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Where Will It End?

The Occupy movement is a sign of spreading unrest.

Just last month ago we asked in our editorial whether we were beginning to see the “red shoots” of recovery in the class struggle. At the time, the annual conference of the Trades Union Congress (TUC) had just called for joint industrial action, street protests and a campaign of civil disobedience, and the International Monetary Fund (IMF) had warned that America and Europe were facing the worst jobs crisis since the 1930s and an ‘explosion of social unrest’. We said then that there was no way of predicting with any confidence whether this expected ‘explosion’ would go off, or turn out to be a damp squib, depending, as it did and does, on what millions of people think and decide to do.

Since we wrote those words, you’d have to be a dour cynic indeed not to be heartened and encouraged by world events. Truly has it been said that there are decades when nothing happens, and weeks when decades happen. It’s hard to believe that in just one year we have seen a series of democratic uprisings across the Middle East and north Africa threaten or topple dictatorships; strikes and increasingly militant protests against austerity in Greece and across Europe; strikes, demonstrations and riots across Britain; and mass protests and occupations against anti-union legislation in Wisconsin, USA, to name just the most obvious and inspiring examples.

And then, in September of this year, the anti-consumerist magazine Adbusters and the activist group Anonymous announced an occupation of Wall Street. The bourgeoisie – along with the older, more senile, battle-weary ranks of class warriors and socialists – barely had time for the sneers to settle on their faces before the ‘anarchism as usual’ action had morphed into what some commentators are already calling the most significant populist movement of the left since the 1930s. On Wall Street, a decade happened in just a few weeks, and a small activist action exploded into an ever-growing movement that the mainstream media and ruling-class establishment eventually and reluctantly decided it could no longer ignore.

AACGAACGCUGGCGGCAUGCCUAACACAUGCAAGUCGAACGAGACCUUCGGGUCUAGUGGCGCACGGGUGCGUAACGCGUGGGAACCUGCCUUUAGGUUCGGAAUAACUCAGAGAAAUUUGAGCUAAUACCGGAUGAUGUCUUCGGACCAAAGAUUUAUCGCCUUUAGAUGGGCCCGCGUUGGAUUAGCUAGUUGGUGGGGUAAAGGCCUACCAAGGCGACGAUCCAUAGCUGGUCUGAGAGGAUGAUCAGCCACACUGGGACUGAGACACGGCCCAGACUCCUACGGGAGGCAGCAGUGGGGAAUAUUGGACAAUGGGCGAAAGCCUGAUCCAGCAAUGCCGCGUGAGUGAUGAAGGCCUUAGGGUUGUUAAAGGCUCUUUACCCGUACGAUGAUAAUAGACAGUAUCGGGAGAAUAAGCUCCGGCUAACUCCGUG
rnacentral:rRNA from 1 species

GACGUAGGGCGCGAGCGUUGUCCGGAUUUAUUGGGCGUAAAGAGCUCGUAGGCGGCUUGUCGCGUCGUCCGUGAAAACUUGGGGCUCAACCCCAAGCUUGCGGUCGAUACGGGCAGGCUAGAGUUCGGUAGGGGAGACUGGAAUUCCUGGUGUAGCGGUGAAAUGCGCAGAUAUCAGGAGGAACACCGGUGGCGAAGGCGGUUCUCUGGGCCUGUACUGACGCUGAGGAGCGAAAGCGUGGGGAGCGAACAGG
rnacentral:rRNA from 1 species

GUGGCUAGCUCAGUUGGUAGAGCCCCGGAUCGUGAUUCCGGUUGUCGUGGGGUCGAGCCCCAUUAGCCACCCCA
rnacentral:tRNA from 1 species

Ignoring it didn’t work, and neither did a rapid police attempt to supress it with violence. Every attempt to silence and repress the Occupy Wall Street movement – including mass arrests and rioting cops pepper-spraying young girls – merely led to new waves of support. More and more workers from all kinds of backgrounds – nurses, sacked cleaners, doctors, serving and former soldiers, unemployed graduates, poor youth from the city’s most impoverished districts, even sympathetic Wall Street traders – have poured into New York’s financial district to see what’s happening, listen to talks, take part in democratically organised general assemblies to plan actions and decide upon demands (if any), and generally build solidarity, communication, and mutual aid. (For informative news reports, see the Democracy Now channel at www.democracynow.org.) The example in Wall Street soon spread throughout the country, and there are now copycat occupations in Boston, San Francisco, Los Angeles, Wisconsin, and many others, and attempts to repeat the success are spreading around the world, soon to arrive in London and the rest of Britain.     

With what result? Well, of course, no one but fake Cassandras and Nostradamuses know. It may be that the whole thing will have fizzled out before this journal hits your doorstep. Or perhaps the movement will turn lamely reformist and be bought off. Perhaps, like the civil rights movement, it will prove not at all lame, even if reformist, and win some essential gains for our class. Or perhaps even, if some of the more radical demands and ideas put up on the Occupy movement’s websites become reality, we will see a genuine anti-capitalist movement develop worldwide. These are exciting times.

The key, of course, will be whether the protest movement can involve the rest of the working class and organise to take democratic control of the whole of social life, including winning control of  the powers of government. With the potential for the Occupy movement spreading to this country and a nationwide day of action, including strikes, on 30 November, organised by the TUC, these are days of precious opportunity for the working class in Britain. It’s time, as the poet Shelley once put it, to rise like lions after slumber, in unvanquishable number. We have a life to win.
STUART WATKINS